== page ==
Cervical cancer can be treated with surgery, radiotherapy, chemotherapy, or a combination of these. Your doctor will advise on the best treatment plan for you taking into account your age, overall health, and the type and stage of your cancer.

Early-stage cancer

Surgery is often the main treatment for women in early stages of cervical cancer.

Radiotherapy is as effective as surgery for treatment of early-stage cancer and can be used as an alternative to surgery.

Sometimes, radiotherapy can also be given after surgery if there is a risk that some cancer cells may remain. This helps lower the chances of the cancer returning.

Radiotherapy in place of surgery is usually used to treat larger tumors in the cervix (around 4 cm in size).

Radiotherapy is often given in combination with chemotherapy to treat larger tumors.

Locally advanced cancer

The combination of chemotherapy and radiotherapy is the main treatment for locally advanced cancer.

In some cases, an operation called pelvic exenteration is performed if the cancer has spread to organs located near the pelvis (such as the bladder or intestine) but has not spread to distant organs (for example, the lungs). This type of operation is major surgery and is only appropriate for a small percentage of women.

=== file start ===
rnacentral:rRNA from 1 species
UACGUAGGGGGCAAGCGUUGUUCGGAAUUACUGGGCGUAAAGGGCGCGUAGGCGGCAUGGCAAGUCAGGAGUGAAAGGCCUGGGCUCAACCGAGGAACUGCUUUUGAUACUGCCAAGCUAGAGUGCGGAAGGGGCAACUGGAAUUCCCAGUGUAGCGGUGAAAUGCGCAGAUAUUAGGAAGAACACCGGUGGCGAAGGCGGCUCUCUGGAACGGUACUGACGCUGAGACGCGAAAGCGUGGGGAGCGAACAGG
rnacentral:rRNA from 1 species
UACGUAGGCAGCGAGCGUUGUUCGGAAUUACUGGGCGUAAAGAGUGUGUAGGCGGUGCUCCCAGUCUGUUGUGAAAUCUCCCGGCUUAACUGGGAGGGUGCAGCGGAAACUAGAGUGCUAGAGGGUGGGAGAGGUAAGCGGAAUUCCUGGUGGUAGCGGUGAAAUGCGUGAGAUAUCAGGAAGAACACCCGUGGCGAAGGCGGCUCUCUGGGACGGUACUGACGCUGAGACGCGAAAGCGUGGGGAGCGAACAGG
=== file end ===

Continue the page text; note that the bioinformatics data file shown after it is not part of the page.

Advanced cancer

Chemotherapy may be used to treat cancer that has spread to distant parts of the body, such as the liver or the lungs.

Chemotherapy can help reduce and control cancer and relieve symptoms, prolonging patients' quality of life. This is known as palliative treatment.


Your treatment will be planned by a group of specialists who will meet to discuss and agree upon the best possible treatment plan for you.

This multidisciplinary team will include:

  • A surgeon (who specializes in your type of cancer)
  • A medical oncologist
  • A radiotherapy oncologist
  • Gynecologists
  • Radiologists who help analyze x-rays and scans.
  • Pathologists who advise on the type and extent of the cancer.

Other health professionals may be included, such as a palliative care doctor (who is specialized in controlling symptoms), a nutritionist, a physical therapist, and occupational therapists, and a psychologist.


You may feel afraid of cancer treatment due to the side effects it can have. Although treatments for cervical cancer can produce adverse effects, you will be given help to control them.

The treatment can be given for various reasons and the possible benefits vary from person to person and from situation to situation. Your doctor can tell you whether the primary aim of the treatment is to cure the cancer, control it for some time, or reduce the symptoms and improve quality of life. They can also tell you about the possible side effects of the treatment and whether these are temporary or permanent.